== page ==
The puzzle of environment and cancer
International Herald Tribune - 14 Dec 2005
Researchers are studying farmers, who are routinely exposed to pesticides, to see if there is a connection between chemicals and cancer trends.

Cities adopt cheaper, simpler recycling
Christian Science Monitor - 14 Dec 2005
Single-bin system spreads to 22 states, but critics say it creates more trash.

We have multiple use; that's the 'problem'
Missoulian - 13 Dec 2005
Acknowledging inherent conflicts, limitations is helpful in finding right balance of forest uses.

When the sea destroys a road, the question arises: Is it worth saving?
New York Times - 13 Dec 2005
Storms wash out the road to Fort Pickens in the Gulf Islands National Seashore in Florida. But some experts fear that a plan to armor the road would degrade the beach, just as a sea wall did in Long Branch, N.J.

University of Michigan renovation shows high-tech environmental design
Detroit Free Press, MI - 12 Dec 2005
Sunflower seed hull cabinets, bamboo floors, solar panels and composting toilets are among the green -- meaning environmentally friendly and energy-efficient -- components of the recently renovated Dana Building, home to the School of Natural Resources and Environment.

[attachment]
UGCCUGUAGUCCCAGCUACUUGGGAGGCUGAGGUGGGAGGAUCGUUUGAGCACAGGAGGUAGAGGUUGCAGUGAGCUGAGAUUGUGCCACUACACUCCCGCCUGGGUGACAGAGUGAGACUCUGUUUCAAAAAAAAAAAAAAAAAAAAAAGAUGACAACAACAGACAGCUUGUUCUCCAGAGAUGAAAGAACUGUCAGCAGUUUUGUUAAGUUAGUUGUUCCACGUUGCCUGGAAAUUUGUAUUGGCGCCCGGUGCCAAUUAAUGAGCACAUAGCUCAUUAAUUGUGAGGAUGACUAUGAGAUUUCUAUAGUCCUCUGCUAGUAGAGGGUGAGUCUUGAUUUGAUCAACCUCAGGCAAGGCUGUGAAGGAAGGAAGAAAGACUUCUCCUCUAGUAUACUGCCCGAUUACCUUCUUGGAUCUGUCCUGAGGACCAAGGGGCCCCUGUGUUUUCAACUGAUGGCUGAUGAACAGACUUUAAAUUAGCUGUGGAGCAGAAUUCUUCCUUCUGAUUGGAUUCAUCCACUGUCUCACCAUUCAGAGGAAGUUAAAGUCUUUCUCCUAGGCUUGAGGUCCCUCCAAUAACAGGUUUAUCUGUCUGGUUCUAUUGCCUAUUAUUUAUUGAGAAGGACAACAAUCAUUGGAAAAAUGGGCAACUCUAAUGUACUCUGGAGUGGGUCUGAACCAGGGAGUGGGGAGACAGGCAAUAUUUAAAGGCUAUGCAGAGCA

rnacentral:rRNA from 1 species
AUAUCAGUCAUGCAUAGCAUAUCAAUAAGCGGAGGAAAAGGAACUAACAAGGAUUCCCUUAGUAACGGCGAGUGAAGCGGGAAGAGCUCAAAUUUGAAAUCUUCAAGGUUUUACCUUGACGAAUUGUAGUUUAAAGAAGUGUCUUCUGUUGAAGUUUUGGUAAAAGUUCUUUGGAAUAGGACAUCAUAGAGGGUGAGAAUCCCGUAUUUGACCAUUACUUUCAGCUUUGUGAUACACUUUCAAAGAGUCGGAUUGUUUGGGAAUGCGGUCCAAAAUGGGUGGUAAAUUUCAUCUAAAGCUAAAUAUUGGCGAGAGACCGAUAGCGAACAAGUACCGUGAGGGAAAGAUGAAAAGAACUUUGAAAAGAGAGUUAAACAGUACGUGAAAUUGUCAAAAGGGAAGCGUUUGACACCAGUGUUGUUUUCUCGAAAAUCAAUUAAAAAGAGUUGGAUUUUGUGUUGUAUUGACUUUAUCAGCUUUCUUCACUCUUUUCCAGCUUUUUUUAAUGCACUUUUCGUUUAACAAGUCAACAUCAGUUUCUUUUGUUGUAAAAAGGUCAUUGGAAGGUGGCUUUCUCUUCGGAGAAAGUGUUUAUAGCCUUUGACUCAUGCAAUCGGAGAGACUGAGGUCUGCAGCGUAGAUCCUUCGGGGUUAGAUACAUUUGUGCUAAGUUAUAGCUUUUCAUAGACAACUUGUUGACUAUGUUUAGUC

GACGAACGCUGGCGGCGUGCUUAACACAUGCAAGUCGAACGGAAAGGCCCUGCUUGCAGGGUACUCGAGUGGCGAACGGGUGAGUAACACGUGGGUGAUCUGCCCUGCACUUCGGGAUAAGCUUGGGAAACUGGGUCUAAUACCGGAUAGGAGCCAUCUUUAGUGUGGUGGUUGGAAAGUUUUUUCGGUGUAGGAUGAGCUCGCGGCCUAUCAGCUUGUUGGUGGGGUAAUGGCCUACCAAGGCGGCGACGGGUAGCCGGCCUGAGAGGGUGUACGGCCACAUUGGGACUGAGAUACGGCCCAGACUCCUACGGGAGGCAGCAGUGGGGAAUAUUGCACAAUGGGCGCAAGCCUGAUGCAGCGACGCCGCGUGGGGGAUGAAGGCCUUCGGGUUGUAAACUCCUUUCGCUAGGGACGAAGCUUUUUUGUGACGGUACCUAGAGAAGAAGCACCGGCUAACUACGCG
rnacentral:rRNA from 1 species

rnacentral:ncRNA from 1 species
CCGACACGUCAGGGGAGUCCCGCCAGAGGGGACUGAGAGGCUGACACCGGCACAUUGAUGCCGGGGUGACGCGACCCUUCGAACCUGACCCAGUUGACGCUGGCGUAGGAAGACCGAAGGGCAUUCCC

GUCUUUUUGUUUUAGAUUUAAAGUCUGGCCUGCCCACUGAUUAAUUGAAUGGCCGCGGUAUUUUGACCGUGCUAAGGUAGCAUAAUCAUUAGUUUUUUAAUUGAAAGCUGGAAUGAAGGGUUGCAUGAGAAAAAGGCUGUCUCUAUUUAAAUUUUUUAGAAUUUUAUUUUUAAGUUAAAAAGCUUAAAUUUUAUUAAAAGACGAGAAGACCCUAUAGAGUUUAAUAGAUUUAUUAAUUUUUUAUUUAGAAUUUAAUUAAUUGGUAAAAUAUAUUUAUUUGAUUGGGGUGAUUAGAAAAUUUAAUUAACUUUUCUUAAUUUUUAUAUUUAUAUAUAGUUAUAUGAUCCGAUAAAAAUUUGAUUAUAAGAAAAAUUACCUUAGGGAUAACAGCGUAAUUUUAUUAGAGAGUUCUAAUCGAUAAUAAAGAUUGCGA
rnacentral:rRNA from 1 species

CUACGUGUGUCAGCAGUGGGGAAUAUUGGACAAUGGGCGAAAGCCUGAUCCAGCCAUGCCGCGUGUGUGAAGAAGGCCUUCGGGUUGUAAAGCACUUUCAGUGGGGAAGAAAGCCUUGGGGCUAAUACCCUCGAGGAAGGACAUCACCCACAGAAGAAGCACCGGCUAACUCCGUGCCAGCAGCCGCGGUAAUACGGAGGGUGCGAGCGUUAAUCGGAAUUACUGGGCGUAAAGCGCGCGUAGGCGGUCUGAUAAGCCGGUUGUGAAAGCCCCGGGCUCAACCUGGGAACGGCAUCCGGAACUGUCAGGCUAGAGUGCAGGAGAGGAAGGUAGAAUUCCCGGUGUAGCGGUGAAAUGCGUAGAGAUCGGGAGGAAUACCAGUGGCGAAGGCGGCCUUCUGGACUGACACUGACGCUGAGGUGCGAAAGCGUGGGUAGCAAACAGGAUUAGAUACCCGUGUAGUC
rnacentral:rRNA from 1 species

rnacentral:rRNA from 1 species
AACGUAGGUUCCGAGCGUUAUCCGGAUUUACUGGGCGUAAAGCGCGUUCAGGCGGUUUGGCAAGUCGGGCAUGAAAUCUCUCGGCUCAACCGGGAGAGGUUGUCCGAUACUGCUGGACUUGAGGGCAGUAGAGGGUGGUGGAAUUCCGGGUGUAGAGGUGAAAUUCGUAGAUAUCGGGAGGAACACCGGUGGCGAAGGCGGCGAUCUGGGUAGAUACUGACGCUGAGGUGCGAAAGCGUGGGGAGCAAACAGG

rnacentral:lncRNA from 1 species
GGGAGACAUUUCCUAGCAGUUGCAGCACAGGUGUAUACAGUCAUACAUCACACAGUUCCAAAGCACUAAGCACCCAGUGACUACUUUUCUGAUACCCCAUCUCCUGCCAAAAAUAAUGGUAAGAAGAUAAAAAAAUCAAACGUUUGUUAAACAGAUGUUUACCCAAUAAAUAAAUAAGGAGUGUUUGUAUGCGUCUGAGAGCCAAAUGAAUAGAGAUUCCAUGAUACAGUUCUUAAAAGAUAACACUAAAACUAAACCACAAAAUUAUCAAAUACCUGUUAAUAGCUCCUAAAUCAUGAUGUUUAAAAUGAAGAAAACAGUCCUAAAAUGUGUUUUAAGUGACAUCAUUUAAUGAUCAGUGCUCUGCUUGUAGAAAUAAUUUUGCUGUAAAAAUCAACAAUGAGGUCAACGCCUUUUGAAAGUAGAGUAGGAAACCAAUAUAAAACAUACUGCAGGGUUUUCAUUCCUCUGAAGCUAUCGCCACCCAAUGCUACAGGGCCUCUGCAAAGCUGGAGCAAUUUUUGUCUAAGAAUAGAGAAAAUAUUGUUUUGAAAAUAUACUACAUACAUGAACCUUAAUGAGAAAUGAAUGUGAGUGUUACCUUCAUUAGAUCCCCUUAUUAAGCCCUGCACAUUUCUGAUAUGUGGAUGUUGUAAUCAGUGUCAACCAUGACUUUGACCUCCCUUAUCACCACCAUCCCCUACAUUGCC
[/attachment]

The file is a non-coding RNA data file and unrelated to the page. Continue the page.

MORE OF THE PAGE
New bill to shift power to cities
Toronto Star - 12 Dec 2005
The bill to be introduced would make it more difficult for developers to bypass municipal councils and go straight to the OMB (Ontario Municipal Board) with major rezoning proposals.

A paradise paralyzed may be poised for rebirth
Pensacola News Journal, FL - 11 Dec 2005
Since Hurricane Ivan struck Sept. 16, 2004, redevelopment has suffered because of the endangered Perdido Key beach mouse and a state limit on beach dwelling units.

Research forest created in Sierra
MontereyHerald.com - 1 Dec 2005
For the first time in more than 40 years, the Forest Service has established a new experimental forest in California to study management techniques and reduce wildfire threats in the Sierra Nevada.